The Illinois Department of Public Health on Friday reported seven Southern Illinois counties are considered to be at a warning level for COVID-19.
Locally, Alexander, Jefferson, Johnson, Pulaski, Randolph, Saline and Union counties are on this week's warning list, which is updated weekly on Fridays and reflect data from the Sunday to Saturday of the prior week.
In total, 34 counties in Illinois are considered to be at a warning level for COVID-19, up from 26 counties last week. A county enters a warning level when two or more COVID-19 risk indicators that measure the amount of COVID-19 increase.
The reasons for counties reaching a warning level vary, according to a news release from IDPH.
A Friday news release from Shawnna Rhine, community outreach coordinator/public information officer at Southern Seven Health Department, said four of the seven counties covered by Southern Seven showed an increase in two risk metrics: new cases per 100,000 residents and test positivity percentage, from Oct. 4 to 11. A warning for new case rate indicates the rate is greater than 50 cases per 100,000 people. A warning for test positivity indicates that the percentage was above 8% from the previous seven-day period.
Alexander County had 165 potential new cases (based on 10 positive cases) per 100,000 and test positivity rate of 9%.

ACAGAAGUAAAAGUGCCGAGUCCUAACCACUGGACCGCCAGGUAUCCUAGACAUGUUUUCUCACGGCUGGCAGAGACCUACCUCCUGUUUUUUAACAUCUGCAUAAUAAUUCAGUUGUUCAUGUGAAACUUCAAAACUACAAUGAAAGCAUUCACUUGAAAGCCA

Johnson County had 610 potential new cases (based on 76 positive cases) per 100,000 and a test positivity rate of 15.2%.
Pulaski County had 311 potential new cases (based on 17 positive cases) per 100,000 and a test positivity rate of 11.8%.
Union County had 647 potential new cases (based on 109 positive cases) per 100,000 reported, and test positivity rate of 18.5%.
Pulaski and Union counties showed decreases in the metrics, but still met the criteria for a warning level. Both counties were on the warning list last week. Jefferson and Saline counties were on the list last week, as well.
Jackson and Massac counties were removed from the list this week.
Individuals, families, and community groups should use this information to help inform their choices about personal and family gatherings, as well as what activities they choose to do, according to the news release.
To view the IDPH county-level risk map, visit www.dph.illinois.gov/countymetrics.
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